Further, as shown in FIG. 4, a relationship between information about a posture of work implement 2 in a captured image and boom angle θb, dipper stick angle θa and bucket angle θk is previously stored in controller 60, specifically at recording unit 163. Controller 60, specifically, angle extraction unit 63 determines boom angle θb, dipper stick angle θa and bucket angle θk based on the relationship between the information about the posture of work implement 2 in the captured image and boom angle θb, dipper stick angle θa and bucket angle θk.

Angle extraction unit 63 can use the information of the captured image and the angles of work implement 2 that are previously associated and thus stored to determine boom angle θb, dipper stick angle θa and bucket angle θk based on an image captured by imaging device 50. A simple configuration without an angle sensor can be employed to determine boom angle θb, dipper stick angle θa and bucket angle θk, as done in a conventional hydraulic excavator including an angle sensor.

Further, angle extraction unit 63 determines boom angle θb and dipper stick angle θa based on the posture of dipper stick 7 in the captured image, as shown in FIG. 7, and determines bucket angle θk based on the posture of bucket 8 in the captured image, as shown in FIG. 8. A posture of dipper stick 7 is determined by a combination of boom angle θb and dipper stick angle θa, and a posture of bucket 8 is determined by a combination of boom angle θb, dipper stick angle θa and bucket angle θk. Boom angle θb and dipper stick angle θa can first be determined based on the posture of the dipper stick, and then bucket angle θk can be determined based on the determined boom angle θb and dipper stick angle θa and the posture of bucket 8.

Further, as shown in FIG. 6, feature point A is set on first link pin 18 provided at dipper stick 7. Feature point B is set on bucket cylinder top pin 19 provided at the bucket link. Controller 60, specifically, feature point recognition unit 62, determines a posture of dipper stick 7 by determining a position of feature point A in a captured image, and determines a posture of bucket 8 by determining a position of feature point B in the captured image. Thus setting feature points A and B recognizable in a captured image facilitates determining a posture of dipper stick 7 and bucket 8 in the captured image.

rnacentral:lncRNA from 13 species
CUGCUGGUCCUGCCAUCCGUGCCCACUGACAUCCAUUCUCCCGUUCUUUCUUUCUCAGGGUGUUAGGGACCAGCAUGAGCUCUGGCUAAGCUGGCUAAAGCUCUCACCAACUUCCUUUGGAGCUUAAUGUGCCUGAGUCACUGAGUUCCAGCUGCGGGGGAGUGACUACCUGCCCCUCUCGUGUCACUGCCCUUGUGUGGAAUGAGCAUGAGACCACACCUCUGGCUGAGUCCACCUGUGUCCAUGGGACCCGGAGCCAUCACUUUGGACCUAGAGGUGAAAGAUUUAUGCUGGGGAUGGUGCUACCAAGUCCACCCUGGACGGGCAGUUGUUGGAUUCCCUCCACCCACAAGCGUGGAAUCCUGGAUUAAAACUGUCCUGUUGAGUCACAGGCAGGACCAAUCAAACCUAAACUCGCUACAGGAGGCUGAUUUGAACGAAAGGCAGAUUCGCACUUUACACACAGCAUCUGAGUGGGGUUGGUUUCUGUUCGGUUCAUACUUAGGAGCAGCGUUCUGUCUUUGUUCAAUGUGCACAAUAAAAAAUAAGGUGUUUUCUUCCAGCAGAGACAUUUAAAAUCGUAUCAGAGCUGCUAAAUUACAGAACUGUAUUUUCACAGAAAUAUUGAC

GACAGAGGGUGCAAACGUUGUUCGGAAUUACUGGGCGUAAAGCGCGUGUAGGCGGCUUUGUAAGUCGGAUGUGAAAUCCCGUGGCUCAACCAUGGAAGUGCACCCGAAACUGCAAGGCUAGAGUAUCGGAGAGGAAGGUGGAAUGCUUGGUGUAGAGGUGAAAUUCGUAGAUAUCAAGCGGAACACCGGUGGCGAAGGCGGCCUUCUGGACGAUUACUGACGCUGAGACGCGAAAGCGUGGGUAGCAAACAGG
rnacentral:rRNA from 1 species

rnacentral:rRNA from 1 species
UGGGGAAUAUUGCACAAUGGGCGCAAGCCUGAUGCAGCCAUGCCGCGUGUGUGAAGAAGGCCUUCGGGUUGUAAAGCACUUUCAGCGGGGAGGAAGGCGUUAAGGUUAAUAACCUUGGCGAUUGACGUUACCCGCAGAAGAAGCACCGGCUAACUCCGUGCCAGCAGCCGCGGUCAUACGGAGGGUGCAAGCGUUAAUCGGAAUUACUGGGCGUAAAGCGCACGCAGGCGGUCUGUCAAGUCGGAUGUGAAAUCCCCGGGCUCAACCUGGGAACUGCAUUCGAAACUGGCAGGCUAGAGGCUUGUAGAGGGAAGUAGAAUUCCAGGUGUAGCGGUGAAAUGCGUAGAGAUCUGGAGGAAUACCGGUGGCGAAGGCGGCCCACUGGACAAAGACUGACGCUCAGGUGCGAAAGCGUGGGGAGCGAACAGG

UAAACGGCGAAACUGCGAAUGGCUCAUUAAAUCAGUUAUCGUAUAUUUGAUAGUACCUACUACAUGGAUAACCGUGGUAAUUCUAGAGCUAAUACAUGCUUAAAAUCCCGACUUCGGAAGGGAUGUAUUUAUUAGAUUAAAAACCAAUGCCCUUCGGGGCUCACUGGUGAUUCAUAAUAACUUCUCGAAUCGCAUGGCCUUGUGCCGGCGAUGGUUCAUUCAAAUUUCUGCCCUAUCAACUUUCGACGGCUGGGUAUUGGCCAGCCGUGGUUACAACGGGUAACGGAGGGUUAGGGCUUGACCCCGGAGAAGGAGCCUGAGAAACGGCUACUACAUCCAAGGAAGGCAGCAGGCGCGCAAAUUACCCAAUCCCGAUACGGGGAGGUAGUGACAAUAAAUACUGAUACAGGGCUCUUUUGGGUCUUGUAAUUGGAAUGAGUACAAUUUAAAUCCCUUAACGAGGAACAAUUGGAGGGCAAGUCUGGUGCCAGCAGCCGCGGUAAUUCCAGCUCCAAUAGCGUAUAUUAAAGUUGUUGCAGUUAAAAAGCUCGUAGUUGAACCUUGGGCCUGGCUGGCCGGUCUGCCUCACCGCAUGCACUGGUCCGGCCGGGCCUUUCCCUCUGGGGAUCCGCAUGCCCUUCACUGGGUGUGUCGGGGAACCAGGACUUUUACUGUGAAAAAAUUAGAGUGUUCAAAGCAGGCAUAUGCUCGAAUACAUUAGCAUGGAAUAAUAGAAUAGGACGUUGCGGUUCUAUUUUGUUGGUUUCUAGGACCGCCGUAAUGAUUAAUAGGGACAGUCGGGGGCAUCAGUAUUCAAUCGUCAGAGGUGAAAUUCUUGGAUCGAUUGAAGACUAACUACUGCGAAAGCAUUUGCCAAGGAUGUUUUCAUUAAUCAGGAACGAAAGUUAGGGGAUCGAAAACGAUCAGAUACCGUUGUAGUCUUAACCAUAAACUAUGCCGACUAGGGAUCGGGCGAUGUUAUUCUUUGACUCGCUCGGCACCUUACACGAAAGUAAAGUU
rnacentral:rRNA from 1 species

Further, as shown in FIGS. 1 and 3, imaging device 50 is attached to cab 4. Typically, hydraulic excavator 100 has the proximal end portion of boom 6 and cab 4 aligned in the lateral direction. Imaging device 50 attached to cab 4 can reliably capture an image of work implement 2 in a direction intersecting operating plane P. Disposing imaging device 50 in a vicinity of a left side of cab 4 to increase a distance between imaging device 50 and work implement 2 can increase an angle of optical axis AX of imaging device 50 inclined with respect to operating plane P of work implement 2 to determine the current posture of work implement 2 further accurately.

Further, as shown in FIG. 1, imaging device 50 is attached inside cab 4. Imaging device 50 can thus be protected from dirt, dust, wind and rain, and thus enhanced in durability. Further, for the specifications of imaging device 50, the necessity of dustproofing and waterproofing can be reduced, and imaging device 50 can be more inexpensive.

Further, as shown in FIG. 3, imaging device 50 is a monocular camera. Imaging device 50 that is an inexpensive monocular camera allows a simpler configuration to be employed to determine the current posture of work implement 2.